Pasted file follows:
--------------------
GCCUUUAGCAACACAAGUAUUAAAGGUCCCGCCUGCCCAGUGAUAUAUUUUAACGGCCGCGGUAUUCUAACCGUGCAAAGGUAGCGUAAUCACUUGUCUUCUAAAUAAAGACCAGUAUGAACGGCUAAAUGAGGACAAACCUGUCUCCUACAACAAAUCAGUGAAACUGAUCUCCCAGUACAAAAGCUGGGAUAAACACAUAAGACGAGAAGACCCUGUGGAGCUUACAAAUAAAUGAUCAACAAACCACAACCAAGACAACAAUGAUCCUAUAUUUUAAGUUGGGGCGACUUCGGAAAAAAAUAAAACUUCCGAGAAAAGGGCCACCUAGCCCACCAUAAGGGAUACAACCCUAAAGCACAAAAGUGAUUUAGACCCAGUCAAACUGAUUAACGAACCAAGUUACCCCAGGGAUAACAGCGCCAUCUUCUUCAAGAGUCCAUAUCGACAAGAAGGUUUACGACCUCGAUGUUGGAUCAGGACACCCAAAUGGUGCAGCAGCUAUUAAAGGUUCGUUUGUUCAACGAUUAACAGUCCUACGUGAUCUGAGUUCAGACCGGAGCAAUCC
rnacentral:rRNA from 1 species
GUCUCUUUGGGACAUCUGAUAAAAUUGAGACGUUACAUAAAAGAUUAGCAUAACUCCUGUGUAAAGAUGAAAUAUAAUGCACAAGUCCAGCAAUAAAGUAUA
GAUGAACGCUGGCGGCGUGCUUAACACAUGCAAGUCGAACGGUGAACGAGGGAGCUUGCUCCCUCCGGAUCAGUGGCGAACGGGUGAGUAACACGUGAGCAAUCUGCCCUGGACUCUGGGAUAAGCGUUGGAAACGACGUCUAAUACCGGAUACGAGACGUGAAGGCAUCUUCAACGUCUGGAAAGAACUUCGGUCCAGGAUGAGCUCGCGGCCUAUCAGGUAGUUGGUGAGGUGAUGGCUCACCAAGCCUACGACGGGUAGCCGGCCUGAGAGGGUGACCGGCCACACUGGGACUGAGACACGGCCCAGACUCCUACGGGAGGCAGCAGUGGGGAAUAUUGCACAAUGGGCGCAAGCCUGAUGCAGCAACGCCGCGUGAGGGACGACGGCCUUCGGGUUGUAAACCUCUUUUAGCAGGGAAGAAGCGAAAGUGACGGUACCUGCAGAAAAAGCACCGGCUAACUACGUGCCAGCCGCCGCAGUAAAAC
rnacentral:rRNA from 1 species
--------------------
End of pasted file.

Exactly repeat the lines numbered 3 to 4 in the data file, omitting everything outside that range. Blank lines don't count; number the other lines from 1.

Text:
GUCUCUUUGGGACAUCUGAUAAAAUUGAGACGUUACAUAAAAGAUUAGCAUAACUCCUGUGUAAAGAUGAAAUAUAAUGCACAAGUCCAGCAAUAAAGUAUA
GAUGAACGCUGGCGGCGUGCUUAACACAUGCAAGUCGAACGGUGAACGAGGGAGCUUGCUCCCUCCGGAUCAGUGGCGAACGGGUGAGUAACACGUGAGCAAUCUGCCCUGGACUCUGGGAUAAGCGUUGGAAACGACGUCUAAUACCGGAUACGAGACGUGAAGGCAUCUUCAACGUCUGGAAAGAACUUCGGUCCAGGAUGAGCUCGCGGCCUAUCAGGUAGUUGGUGAGGUGAUGGCUCACCAAGCCUACGACGGGUAGCCGGCCUGAGAGGGUGACCGGCCACACUGGGACUGAGACACGGCCCAGACUCCUACGGGAGGCAGCAGUGGGGAAUAUUGCACAAUGGGCGCAAGCCUGAUGCAGCAACGCCGCGUGAGGGACGACGGCCUUCGGGUUGUAAACCUCUUUUAGCAGGGAAGAAGCGAAAGUGACGGUACCUGCAGAAAAAGCACCGGCUAACUACGUGCCAGCCGCCGCAGUAAAAC